There are a lot of things that go into making a great game character, but if I had to distill it down to the bare essentials I would say it has to be appealing and it has to be usable. Appealing doesn’t necessarily mean attractive, horrible monsters can be appealing, but you have to find that hook, that thing that captures the appeal of the character. Its what will resonate with the viewer and make the character memorable and believable. When I say usable I mean it has to be usable by other disciplines. It has to be easy to rig, easy to animate well and efficient enough to not ruin the framerate of the game. All of those things will combine to make the final asset shine in the end product. The easier it is to rig then the better the deformations will be. The easier it is to animate the more likely it is that the animators will come up with lots of great memorable animations for it. The more efficiently it is built the more likely that the level designers will place more of them in a level. To me those two things capture what makes a great game character – the great visual appeal and the under the hood usability of the asset.
It all depends on the game, but with most action games things move fast, so you want your character to be instantly recognizable, and you want it to be absolutely crystal clear what it does and what the player can expect. Take the female ninja in Fortnite for example. She is fast, sleek, agile, those qualities translate into the design and model of the character. One look at the character and you can easily tell what she is all about. You have to constantly keep that in mind as you’re working on the character, ask yourself how each piece contributes to the vision as a whole, and if it doesn’t then maybe it should be modified, or removed altogether. Not every character has to be all things at the same time. That is something I frequently see online as artists are trying to pack everything they can imagine all in one character in an attempt to make it as cool as possible, but the end result is frequently muddy and unclear. As artists on a game team we don’t work in a vacuum, our work is meant to reinforce the design and to support the vision of the game. The design and execution of a character is one of the ways of communicating that vision to the player.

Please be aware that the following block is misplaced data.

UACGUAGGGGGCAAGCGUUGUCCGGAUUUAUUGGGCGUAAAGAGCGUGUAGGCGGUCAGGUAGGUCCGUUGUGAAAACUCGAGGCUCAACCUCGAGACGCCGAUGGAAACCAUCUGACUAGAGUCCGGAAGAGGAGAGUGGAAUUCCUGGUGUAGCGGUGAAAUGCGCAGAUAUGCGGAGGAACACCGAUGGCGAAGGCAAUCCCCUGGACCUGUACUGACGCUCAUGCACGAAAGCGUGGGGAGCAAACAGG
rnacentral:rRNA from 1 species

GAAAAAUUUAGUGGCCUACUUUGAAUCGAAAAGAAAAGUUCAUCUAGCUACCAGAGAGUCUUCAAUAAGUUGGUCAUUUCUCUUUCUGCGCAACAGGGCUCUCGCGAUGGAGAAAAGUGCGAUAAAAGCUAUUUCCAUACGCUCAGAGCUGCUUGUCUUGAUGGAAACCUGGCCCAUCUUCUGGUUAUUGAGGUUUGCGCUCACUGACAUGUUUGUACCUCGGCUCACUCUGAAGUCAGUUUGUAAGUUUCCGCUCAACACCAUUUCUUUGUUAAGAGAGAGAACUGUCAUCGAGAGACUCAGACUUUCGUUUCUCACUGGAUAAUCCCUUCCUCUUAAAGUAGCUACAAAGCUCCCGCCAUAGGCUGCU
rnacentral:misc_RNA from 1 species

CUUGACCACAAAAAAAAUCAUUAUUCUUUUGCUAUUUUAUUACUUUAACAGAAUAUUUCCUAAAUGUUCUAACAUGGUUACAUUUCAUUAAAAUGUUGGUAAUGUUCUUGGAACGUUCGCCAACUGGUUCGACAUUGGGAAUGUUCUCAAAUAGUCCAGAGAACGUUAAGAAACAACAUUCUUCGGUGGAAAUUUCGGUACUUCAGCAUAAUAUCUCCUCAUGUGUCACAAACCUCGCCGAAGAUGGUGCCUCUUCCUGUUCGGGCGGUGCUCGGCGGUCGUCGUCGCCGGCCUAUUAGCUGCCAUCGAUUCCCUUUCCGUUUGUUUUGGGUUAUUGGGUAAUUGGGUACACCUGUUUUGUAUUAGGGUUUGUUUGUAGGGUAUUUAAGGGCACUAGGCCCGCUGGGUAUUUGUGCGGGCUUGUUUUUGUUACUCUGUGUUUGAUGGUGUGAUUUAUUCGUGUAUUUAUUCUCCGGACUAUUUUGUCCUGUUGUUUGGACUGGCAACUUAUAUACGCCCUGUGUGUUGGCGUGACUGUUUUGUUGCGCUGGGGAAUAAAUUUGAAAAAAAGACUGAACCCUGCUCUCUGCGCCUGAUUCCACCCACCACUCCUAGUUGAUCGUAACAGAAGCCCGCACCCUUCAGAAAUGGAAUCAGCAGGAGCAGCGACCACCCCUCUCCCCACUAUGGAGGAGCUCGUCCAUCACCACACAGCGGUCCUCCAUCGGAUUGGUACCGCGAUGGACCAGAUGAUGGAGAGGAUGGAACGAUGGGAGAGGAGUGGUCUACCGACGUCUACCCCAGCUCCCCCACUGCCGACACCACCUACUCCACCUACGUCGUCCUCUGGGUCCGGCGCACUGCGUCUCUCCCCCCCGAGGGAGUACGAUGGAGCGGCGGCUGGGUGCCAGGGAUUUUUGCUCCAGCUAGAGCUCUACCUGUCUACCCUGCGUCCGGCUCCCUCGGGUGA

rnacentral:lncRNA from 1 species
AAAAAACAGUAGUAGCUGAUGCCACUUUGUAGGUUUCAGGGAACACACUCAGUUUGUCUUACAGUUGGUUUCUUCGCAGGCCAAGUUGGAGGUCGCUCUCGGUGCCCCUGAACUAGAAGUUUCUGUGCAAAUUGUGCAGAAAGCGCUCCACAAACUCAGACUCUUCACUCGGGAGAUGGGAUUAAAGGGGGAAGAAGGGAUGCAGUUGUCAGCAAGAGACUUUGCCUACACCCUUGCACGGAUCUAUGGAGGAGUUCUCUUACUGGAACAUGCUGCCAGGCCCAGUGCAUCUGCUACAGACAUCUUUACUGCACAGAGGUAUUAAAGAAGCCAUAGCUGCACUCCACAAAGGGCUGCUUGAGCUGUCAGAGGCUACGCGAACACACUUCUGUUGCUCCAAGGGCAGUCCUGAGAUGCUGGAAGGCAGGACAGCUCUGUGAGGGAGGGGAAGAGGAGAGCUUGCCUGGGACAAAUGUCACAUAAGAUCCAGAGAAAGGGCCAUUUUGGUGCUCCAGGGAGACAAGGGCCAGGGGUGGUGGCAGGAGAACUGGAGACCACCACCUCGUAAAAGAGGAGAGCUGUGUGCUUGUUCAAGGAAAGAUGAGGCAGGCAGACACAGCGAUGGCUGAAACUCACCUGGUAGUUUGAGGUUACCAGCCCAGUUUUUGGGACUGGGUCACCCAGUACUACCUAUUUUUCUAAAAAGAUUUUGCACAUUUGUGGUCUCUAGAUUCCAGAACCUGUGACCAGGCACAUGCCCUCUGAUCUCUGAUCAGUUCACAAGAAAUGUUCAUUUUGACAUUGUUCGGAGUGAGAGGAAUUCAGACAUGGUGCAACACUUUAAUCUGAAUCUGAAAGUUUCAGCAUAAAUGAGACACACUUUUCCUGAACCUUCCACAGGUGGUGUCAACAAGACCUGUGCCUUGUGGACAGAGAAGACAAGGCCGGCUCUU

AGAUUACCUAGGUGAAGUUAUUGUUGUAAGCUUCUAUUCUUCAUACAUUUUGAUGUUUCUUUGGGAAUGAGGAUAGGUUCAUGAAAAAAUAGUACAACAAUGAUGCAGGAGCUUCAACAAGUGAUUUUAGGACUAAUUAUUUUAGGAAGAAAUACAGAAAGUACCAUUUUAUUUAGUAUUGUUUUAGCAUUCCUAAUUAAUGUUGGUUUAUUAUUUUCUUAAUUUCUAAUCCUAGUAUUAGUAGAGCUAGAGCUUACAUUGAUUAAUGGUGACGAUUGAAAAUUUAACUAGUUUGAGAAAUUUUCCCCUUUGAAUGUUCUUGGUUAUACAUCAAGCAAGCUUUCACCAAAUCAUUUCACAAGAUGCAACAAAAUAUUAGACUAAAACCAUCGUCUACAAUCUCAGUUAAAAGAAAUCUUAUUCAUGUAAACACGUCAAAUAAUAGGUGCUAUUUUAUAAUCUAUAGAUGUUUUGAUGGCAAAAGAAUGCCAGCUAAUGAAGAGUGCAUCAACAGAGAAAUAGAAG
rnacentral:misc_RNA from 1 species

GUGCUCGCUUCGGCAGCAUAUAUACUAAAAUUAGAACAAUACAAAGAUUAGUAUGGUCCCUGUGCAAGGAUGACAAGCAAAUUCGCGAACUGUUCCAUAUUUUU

Colors and outfits
You have to start with some basic color theory, some understanding of contrast, ratios, various types of color schemes. Every artist should have some understanding of that as part of their toolkit. Each game has its own palette. Its part of the overall aesthetic and you have to adhere to that in order to make the characters look like they belong in that world. Beyond that in a game like Fortnite you have different classes of characters and each one has their own flavor and a certain set of colors that define it and make it distinct. For example Outlanders are sort of fashionable rogue types and they use a lot of loud neon colors, whereas Soldiers use more subdued military color schemes, Constructors use a lot of yellows and oranges with hazard stripes to give a flavor of construction equipment, while Ninjas lean more toward dark stealthy color schemes. Being in a Fortnite world, they are all more saturated and colorful than what you would find in a realistic military shooter. Once you have your colors then comes material separation. I treat it in a very similar way to colors, it has to be done with an appealing ratio in mind and each type of surface has to be clearly defined so skin looks different from leather and leather looks different from metal. Each one has its own distinct look and they are assembled together in an appealing way to make up the whole character.